Before I analyse what new media does to focus on this phenomenon (fans role of media production), I wonder what is the definition of ‘new media’. Southeastern University (2016) cited from Robert Rogan that ‘new media’ is “digital media that are interactive, incorporate two-way communication and involve some form of computing” (Southeastern University, 2016). Therefore, the importance of ‘new media’ is linked to ‘interaction’.

Like new media itself significantly cares about interaction between individuals, it also cares about the fandom of cult TV (Hill, 2004). They are more like maniac than fan because the genre of ‘cult TV’ is sometimes hard-core and cannot understandable as well as most people either like it or not. There are few people who take a neutral attitude, but still, as cult TV’s plot is written to suit the tastes of fandoms (Hill, 2004), the people who are not in the fandom cannot understand or enjoy the story at all.

Once, I went to the movie theatre to watch “Sherlock: The Abominable Bride (2016)”. I could say that I enjoyed the movie although I am not a big fan of the “Sherlock Holmes” series. However, I could not understand the special post-credit scene because it was added for the Sherlock Holmes fandom. It was not interesting at all as well as overall impression of that movie was slightly looking downward for me because I could neither laugh nor impressed by that scene. However, Sherlock Holmes series’ fans seemed like enjoying it. Thus, cult TV is definitely focusing on interacting with its own existing fandom rather than conquering new fans. Personally, I guess bringing the new fans is also difficult for cult TV since there are many seasons and episodes which had already released long time ago, and it is impossible to watch those episodes all together at the same time for new fans. It takes time. This phenomenon similarly occurs to those fandoms of “Doctor Who (2005)”, “Star Trek (1966)”, and “Buffy: The Vampire Slayer (1997)” et cetera.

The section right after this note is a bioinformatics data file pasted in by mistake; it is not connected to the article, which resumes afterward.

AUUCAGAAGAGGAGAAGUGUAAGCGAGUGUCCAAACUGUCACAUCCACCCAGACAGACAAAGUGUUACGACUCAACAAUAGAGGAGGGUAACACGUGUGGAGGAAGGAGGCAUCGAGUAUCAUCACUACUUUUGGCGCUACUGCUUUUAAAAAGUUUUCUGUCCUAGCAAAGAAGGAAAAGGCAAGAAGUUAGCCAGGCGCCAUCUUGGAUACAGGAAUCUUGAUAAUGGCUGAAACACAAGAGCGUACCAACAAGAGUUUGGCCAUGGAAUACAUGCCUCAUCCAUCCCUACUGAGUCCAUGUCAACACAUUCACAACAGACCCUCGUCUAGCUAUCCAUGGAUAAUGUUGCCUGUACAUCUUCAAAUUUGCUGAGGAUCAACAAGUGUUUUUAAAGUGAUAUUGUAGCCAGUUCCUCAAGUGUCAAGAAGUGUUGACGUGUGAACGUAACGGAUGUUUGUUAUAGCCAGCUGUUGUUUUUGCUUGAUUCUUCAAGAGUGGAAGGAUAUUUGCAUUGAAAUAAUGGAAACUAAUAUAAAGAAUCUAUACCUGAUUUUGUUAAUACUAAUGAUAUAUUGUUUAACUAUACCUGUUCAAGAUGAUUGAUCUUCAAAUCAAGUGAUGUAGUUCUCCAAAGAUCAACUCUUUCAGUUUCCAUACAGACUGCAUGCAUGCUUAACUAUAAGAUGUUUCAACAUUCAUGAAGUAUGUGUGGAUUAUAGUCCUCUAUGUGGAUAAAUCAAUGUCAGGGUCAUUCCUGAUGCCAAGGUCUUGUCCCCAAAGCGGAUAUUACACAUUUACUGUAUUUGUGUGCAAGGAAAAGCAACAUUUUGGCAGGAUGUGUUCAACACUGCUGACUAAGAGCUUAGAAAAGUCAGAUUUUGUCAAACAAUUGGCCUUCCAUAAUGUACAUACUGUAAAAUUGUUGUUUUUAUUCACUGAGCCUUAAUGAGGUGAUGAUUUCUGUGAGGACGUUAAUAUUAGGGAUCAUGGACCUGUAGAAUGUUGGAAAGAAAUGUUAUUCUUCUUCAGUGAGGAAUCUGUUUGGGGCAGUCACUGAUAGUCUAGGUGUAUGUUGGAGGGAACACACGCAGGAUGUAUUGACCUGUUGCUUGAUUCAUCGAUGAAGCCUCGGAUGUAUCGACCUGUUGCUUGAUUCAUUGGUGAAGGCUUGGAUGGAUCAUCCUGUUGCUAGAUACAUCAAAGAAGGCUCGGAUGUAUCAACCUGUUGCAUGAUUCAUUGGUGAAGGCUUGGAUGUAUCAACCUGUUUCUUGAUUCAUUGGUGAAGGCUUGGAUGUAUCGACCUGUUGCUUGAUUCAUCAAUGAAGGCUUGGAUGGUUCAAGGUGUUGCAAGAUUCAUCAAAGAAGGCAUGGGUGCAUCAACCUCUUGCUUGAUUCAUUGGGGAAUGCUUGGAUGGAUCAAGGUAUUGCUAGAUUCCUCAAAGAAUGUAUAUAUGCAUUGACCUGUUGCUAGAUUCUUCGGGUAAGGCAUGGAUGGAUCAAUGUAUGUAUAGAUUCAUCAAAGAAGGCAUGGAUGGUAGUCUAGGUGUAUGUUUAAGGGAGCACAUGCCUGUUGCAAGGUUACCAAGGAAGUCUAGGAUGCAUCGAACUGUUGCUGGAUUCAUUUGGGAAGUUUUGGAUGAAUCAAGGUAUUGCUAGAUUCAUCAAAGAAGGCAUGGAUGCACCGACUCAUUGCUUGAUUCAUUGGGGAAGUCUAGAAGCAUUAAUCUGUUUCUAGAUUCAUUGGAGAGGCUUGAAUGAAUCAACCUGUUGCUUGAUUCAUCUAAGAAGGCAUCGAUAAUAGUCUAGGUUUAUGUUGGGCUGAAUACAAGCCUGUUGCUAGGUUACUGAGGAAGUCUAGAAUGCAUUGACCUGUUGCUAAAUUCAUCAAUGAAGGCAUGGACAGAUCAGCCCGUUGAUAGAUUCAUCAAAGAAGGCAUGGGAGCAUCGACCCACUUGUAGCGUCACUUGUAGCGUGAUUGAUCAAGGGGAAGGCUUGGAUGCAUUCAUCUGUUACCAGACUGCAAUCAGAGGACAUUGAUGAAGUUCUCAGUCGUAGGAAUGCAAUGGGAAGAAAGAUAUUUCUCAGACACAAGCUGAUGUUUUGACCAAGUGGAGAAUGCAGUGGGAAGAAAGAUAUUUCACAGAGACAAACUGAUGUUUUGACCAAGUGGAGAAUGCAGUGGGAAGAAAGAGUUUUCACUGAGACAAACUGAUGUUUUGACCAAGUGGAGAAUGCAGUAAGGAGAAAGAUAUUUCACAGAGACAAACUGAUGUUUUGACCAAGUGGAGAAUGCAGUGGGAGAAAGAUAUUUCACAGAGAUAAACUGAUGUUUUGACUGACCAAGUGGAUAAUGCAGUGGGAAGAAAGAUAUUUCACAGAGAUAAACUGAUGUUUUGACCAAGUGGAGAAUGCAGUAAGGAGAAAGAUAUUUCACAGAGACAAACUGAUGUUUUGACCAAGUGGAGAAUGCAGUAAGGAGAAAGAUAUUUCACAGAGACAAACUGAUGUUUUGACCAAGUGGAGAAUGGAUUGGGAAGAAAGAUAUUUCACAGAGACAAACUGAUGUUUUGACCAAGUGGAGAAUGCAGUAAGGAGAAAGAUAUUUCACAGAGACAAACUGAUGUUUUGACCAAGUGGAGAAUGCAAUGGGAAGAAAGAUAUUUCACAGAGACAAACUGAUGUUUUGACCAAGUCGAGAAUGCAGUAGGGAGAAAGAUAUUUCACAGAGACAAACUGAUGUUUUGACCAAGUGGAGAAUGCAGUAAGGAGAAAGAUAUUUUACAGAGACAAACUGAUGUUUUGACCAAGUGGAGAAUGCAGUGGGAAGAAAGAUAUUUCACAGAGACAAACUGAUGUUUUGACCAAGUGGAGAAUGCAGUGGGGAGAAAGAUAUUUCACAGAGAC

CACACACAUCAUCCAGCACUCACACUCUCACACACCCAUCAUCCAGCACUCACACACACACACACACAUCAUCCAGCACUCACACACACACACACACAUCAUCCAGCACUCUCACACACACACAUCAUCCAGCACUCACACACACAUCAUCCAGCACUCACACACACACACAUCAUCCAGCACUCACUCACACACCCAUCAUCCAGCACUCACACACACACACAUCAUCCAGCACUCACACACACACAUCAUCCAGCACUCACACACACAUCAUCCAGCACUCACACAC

de Kloet and van Zoonen (2007) suggests that fandom “constitutes an alternative economy outside the mainstream” (p. 328). As I mentioned, fandom is necessary, especially for cult TV producers since they introduce their productions in various ways such as writing a fan fiction of it, or just simply involve their friends into watching it together. Cult TV is obviously maniac as well as the producers of cult TV are targeting the previous fans rather than gathering new fans. However, those ‘previous fans’ could help cult TV industries to be paid enough for their efforts to satisfy their fans and even introducing them the new fans.

References:

de Kloet, H.J., & van Zoonen, E.A. (2007). Fan culture: Performing difference. Media studies: Key issues and debates (1st ed., pp. 322-341). London, UK: Routledge.

Hills, M. (2004). Defining cult TV; Texts, inter-texts and fan audiences, in R. C. Allen & A. Hill (eds.) The Television Studies Reader. London and New York: Routledge.

Southeastern University. (2016, February 15). What is new media?. Retrieved September 19, 2019, from https://online.seu.edu/articles/what-is-new-media/